Forget the pledge to lose weight, join a gym and smoke less. It's time to get creative with your New Year's resolutions.
Here are 10 suggestions to get you started.
Learn a decent party trick
You know that party trick you’ve got, the one that always comes out after a couple of drinks? Think about it; is it really so impressive in the cold light of day? If the answer is no, it’s about time you learned a new trick; one that will really impress.
Mastering a new skill – no matter how pointless – can increase your self-esteem, as well as earning you some serious social kudos next time you reveal it in public. For a physical challenge, why not work on your flexibility for a spot of contortion, or give yourself a mental challenge and learn how to recite the alphabet backwards in less than 10 seconds.
Get your photo taken in five interesting places
If you’ve got the travel bug and want to see a bit more of the world, why not make it a New Year’s resolution to visit five interesting places you’ve always wanted to see? Even better, make a visual record of the year by making sure you get a photo of yourself taken in each place.
Good photo opportunities include inside an igloo in Lapland, on the Great Wall of China, inside a volcanic crater or floating in the Dead Sea, but use your imagination to think of your own – the world’s your oyster after all.
Break a record
Want to give your confidence a boost and work towards a new challenge? Then make this the year that you break a record! You could aim at breaking a personal fitness record or, if you want to aim a little higher, set your sights on a world one. With lots of diverse (and bizarre) records there for the taking, this may not be as difficult as you think.
Perhaps you could burn off some calories with the world’s longest kiss, the longest time spent bouncing on a bouncy castle or the fastest one mile run completed wearing swim fins... Yes, these are all real world record titles if you fancy your chances!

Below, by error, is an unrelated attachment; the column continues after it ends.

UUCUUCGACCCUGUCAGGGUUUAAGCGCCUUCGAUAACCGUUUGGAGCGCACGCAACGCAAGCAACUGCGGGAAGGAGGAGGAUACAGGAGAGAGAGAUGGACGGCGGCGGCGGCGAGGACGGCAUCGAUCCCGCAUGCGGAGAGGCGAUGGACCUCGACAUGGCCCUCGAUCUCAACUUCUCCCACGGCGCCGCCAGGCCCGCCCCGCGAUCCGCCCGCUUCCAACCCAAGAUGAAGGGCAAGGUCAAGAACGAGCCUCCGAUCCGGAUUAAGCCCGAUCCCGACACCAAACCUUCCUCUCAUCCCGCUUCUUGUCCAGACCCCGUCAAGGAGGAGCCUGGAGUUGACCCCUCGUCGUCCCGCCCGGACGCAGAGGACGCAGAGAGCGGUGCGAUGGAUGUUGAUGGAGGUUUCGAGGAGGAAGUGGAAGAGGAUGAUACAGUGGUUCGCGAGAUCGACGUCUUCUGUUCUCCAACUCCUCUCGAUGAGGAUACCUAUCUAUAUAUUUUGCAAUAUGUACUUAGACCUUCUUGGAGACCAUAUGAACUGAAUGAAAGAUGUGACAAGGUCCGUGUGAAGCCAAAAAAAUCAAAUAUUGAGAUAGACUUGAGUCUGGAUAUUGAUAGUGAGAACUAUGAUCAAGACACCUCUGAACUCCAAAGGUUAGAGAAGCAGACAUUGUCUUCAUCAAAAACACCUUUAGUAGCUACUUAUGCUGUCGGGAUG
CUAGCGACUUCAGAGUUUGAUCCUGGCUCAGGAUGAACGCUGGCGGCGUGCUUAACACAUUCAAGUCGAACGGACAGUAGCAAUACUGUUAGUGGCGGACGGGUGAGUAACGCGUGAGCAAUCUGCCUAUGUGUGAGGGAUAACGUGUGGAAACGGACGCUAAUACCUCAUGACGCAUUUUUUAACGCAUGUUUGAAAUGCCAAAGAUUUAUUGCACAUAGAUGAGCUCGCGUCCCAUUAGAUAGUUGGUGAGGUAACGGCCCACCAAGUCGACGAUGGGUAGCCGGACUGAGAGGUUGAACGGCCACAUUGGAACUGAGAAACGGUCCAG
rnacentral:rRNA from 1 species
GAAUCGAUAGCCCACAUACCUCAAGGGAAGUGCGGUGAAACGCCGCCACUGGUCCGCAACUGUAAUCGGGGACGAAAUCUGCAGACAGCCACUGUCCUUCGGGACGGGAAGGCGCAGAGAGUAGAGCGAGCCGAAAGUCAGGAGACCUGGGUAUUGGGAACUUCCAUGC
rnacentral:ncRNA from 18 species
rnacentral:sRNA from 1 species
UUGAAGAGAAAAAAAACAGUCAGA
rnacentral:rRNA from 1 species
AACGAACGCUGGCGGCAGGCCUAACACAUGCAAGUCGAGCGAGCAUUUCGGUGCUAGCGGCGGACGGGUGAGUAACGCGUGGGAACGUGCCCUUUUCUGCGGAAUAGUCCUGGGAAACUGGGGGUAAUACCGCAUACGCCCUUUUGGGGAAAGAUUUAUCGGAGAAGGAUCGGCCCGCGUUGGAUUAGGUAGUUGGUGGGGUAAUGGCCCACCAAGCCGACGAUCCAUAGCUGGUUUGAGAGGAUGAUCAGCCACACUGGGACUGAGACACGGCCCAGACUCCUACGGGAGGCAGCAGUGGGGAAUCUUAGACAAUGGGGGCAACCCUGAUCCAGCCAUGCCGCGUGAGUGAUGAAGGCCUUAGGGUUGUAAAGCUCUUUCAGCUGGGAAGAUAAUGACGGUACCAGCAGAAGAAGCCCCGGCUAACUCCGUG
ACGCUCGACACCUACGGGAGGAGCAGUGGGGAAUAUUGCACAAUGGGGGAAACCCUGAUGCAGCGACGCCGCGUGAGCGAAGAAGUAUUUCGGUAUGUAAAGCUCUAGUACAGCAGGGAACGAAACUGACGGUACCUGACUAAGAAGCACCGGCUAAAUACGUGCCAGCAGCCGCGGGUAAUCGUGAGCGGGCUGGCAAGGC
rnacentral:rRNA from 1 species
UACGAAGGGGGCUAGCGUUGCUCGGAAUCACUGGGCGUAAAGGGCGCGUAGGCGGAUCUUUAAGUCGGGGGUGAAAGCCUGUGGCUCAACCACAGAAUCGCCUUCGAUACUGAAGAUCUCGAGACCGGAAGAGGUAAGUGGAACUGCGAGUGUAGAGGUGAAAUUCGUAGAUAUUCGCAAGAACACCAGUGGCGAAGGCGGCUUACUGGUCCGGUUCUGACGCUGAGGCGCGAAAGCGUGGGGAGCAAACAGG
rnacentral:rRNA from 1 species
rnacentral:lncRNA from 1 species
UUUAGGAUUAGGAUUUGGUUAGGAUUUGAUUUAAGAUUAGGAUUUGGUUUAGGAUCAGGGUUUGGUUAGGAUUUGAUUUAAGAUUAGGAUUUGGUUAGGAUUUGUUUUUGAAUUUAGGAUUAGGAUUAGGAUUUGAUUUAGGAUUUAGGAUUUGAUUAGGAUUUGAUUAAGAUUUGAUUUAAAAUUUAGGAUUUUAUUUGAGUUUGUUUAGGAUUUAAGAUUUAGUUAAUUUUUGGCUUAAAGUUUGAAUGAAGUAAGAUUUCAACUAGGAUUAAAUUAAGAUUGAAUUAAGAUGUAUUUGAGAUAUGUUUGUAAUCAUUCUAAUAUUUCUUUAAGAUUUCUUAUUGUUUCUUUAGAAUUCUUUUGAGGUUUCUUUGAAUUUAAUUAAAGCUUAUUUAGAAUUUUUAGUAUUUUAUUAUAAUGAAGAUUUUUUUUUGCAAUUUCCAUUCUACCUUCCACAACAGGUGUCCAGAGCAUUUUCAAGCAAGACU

Make a new friend a month
Fact: friends are great for your health, and the more you have of them the better. So, why not make it a New Year’s resolution to start collecting them? To expand your social circle, try to make one new friend a month by making a conscious effort to attend more social events, chat to strangers and get introductions to friends of friends.
Making friends with people with different personalities and interests from you can be particularly beneficial in helping you to broaden your horizons, explore different sides of your personality and find new ways to get the most out of life.
Develop a good relationship with your body
Many traditional New Year’s resolutions centre around improving our bodies in some way, whether by taking up a diet or joining a gym. Next year, make it your resolution to start to love the body you’ve got instead.
While this doesn’t mean you can’t make changes to your diet and fitness regime if your health requires it, it does mean starting to love who you are in the process. Work on improving your body confidence by focusing on the things you dolike rather than those you don’t, and learn to dress according to your body shape, showing off your favourite features.